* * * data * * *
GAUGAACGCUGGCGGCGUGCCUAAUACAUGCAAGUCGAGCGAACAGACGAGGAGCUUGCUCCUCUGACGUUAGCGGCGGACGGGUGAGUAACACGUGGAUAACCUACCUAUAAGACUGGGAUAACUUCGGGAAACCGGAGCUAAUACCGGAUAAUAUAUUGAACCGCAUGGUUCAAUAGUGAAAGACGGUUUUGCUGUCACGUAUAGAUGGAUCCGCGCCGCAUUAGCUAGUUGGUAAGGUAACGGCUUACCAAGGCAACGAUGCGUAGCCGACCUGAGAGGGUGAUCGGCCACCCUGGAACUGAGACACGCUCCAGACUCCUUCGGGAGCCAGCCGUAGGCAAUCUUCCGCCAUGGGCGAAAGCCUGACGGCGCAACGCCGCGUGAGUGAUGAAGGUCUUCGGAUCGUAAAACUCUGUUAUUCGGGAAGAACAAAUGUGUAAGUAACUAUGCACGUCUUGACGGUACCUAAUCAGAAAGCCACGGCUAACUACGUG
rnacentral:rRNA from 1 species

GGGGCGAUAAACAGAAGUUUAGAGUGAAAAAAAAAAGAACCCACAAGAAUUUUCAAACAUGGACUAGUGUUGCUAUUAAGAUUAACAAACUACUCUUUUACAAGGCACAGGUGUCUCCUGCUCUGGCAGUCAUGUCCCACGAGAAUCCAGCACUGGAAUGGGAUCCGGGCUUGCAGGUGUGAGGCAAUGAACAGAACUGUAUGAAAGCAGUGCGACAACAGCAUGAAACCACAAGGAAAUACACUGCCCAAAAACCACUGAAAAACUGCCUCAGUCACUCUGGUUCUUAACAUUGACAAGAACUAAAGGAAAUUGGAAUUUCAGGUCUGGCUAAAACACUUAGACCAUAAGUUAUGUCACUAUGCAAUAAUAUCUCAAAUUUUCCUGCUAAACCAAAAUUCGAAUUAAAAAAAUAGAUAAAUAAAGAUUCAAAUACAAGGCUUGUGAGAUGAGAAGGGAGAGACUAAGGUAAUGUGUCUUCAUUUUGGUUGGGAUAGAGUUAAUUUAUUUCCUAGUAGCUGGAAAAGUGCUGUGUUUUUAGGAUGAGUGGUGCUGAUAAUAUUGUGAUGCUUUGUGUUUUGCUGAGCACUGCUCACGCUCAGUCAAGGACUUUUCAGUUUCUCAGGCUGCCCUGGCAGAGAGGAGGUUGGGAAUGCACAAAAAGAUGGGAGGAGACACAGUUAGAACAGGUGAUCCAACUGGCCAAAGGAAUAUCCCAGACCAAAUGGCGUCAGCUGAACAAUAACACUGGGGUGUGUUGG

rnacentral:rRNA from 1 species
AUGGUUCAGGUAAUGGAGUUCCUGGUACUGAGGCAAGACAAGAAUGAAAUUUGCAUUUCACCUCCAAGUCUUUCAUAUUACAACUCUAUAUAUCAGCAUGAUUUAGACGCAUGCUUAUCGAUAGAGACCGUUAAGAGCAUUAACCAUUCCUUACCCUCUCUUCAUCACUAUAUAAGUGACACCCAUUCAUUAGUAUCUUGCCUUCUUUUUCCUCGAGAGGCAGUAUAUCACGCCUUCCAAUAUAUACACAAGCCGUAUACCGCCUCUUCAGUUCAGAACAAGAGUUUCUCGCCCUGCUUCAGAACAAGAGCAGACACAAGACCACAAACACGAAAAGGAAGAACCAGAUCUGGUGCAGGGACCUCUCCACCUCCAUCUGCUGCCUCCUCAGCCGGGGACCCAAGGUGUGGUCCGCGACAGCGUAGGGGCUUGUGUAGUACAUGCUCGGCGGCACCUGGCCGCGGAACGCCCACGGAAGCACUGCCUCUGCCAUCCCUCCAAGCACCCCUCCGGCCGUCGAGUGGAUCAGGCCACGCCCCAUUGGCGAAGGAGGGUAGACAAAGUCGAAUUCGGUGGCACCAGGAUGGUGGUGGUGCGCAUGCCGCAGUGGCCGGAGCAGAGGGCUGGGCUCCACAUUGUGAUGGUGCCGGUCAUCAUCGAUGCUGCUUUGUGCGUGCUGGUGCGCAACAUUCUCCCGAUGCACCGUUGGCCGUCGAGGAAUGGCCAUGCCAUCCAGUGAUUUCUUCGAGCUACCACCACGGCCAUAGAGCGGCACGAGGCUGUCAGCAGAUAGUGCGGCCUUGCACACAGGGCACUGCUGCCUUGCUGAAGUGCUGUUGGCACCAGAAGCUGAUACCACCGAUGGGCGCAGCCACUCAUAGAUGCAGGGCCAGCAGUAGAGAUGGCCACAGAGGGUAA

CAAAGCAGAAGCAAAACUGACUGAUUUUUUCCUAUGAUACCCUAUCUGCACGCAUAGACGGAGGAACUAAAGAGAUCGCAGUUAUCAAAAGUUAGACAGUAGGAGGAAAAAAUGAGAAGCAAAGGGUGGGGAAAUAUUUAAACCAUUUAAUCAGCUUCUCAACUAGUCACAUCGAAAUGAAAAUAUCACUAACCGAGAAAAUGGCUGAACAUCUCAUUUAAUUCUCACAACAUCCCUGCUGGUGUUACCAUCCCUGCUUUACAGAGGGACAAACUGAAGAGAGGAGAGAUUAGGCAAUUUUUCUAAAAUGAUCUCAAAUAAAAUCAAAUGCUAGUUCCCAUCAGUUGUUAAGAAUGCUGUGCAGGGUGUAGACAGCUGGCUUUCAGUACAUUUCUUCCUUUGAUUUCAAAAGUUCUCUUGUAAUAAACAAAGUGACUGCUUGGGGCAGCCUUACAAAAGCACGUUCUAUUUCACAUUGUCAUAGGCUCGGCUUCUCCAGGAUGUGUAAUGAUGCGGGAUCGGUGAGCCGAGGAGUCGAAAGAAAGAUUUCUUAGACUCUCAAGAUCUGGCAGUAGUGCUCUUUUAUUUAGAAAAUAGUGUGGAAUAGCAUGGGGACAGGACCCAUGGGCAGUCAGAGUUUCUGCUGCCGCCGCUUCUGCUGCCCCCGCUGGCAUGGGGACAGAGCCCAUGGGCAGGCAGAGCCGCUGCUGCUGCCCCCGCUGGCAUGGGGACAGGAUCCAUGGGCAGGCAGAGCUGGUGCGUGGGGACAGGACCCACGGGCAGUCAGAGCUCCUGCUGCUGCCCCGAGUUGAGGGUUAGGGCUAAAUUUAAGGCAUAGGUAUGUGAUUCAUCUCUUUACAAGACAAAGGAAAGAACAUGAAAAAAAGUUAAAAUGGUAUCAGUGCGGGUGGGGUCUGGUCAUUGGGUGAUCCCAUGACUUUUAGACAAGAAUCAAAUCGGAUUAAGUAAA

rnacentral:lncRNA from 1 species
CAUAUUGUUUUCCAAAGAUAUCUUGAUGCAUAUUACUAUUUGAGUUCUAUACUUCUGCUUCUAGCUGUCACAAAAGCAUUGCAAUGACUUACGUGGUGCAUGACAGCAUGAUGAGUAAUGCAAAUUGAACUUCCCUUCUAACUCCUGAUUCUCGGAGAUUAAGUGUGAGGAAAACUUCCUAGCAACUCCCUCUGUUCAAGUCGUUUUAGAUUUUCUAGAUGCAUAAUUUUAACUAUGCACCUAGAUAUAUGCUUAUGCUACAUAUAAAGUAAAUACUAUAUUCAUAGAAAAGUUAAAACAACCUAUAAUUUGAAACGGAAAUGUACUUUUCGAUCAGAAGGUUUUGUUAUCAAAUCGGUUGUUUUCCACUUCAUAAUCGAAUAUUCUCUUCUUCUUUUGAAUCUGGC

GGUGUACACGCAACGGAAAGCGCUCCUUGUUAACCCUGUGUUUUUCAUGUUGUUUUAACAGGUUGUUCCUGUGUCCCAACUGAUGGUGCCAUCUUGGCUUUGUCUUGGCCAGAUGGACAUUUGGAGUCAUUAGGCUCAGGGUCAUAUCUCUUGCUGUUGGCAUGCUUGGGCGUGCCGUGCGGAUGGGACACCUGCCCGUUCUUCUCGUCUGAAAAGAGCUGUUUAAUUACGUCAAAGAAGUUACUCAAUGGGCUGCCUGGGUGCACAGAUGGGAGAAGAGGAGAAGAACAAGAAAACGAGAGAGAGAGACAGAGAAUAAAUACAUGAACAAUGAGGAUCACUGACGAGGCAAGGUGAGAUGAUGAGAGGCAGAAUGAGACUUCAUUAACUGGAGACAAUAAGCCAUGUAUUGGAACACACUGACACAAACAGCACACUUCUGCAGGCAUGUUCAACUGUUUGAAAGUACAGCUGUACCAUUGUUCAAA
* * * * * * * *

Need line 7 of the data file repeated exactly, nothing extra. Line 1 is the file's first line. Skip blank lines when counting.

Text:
rnacentral:lncRNA from 1 species